AgSense: Reduced inputs critical to silage production systems

By Mark Marsalis: New Mexico State University extension agronomist

Silage systems are a staple for providing large quantities of highly nutritious feed for dairy cattle in the region.

Unfortunately, these systems require large amounts of inputs to be productive enough to meet the demands of the large numbers of cows that exist in our area.

In a world of fluctuating and often high farm costs, it is imperative that total on-farm inputs be reduced in order to ensure agricultural sustainability and profitability.

For example, plant populations — the number of plants per acre — and nitrogen fertilizers need to be reduced as much as possible so waste is minimized and resource use efficiency is maximized.

Reducing plant populations and nitrogen fertilizer will help lower costs. But it is uncertain how this may affect yield and nutritive value of forage sorghum and corn when grown in limited irrigation situations.

Regional observations have indicated when irrigation is limited, cutting back on seed inputs, such as corn, is beneficial and really necessary to achieve adequate yield and avoid crop disaster. However, little research in this area has been conducted to get a feel for how much, if at all, these systems are affected by the cutbacks.

Research is especially limited on forage sorghum crops.

To help gain some answers to this question, a two-year study was conducted at New Mexico State University’s Agricultural Science Center at Clovis investigating the effects of reducing planting rates and nitrogen rates by 25 percent from commonly used quantities.

Crops used were corn and conventional and brown midrib (BMR) forage sorghum.

Seeding rates were reduced 10 and 25 percent from the “standard’ rates of 30,000 and 100,000 plants per acre for corn and forage sorghum, respectively.

Corn and conventional forage sorghum were fertilized with 195 pounds and 260 pounds of nitrogen per acre; and BMR forage sorghum was fertilized with 95 pounds and 125 pounds of nitrogen. Irrigation was restricted to 18 inches or less for the growing season.

Results of the research indicate that regardless of nitrogen rate, planting rate had no negative effect on yield or nutritive value, implying seed inputs can be reduced as much as 25 percent without detriment to these silage crops.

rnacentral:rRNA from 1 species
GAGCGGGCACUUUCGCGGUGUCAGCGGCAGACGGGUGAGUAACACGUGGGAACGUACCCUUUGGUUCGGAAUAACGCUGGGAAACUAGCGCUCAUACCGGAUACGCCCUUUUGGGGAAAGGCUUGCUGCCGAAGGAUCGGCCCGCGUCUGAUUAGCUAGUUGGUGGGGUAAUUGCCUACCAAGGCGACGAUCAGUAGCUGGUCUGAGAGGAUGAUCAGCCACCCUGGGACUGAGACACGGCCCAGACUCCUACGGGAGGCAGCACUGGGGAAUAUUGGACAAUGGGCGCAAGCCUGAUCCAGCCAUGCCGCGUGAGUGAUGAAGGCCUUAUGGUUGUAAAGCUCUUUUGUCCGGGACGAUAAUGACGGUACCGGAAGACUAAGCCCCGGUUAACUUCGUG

In addition, producing high yielding forage — more than 25 tons per acre — but with lower amounts of water and nitrogen than fully-irrigated corn grown traditionally in this environment is possible.

Common recommendations of inputs should be altered to fit into limited irrigation situations so silage feeding systems are more sustainable and profitable.

High planting rates do not necessarily contribute to increased yields or feed quality and may even result in low quality when other inputs such as nitrogen and water are limiting. Even lower amounts of inputs are currently being studied to develop silage crop response curves to these inputs, which will help in assessing optimum input levels.

It is important to note, even when corn was irrigated with an amount of water considered limiting, it exhibited yields and forage quality characteristics similar to or superior to both forage sorghums: lower fiber and higher net energy. Further indications from this study: While corn and conventional forage sorghum may produce similar yields under restricted irrigation, corn’s competitiveness with forage sorghum is dependent upon in-season precipitation in this environment.

High yields of corn were likely due to above average rainfall during the two years.

Much speculation exists about the suitability of corn yield and nutritive value compared to forage sorghum in limited water situations. Previous research at this location has shown there is a tradeoff in yield and nutritive value between forage sorghum and corn when precipitation was below average.

Producers must assess the risk of annual variation and need for either a high yielding, lower quality forage sorghum or a lower yielding, and potentially higher quality corn in years when in-season precipitation is average or below normal.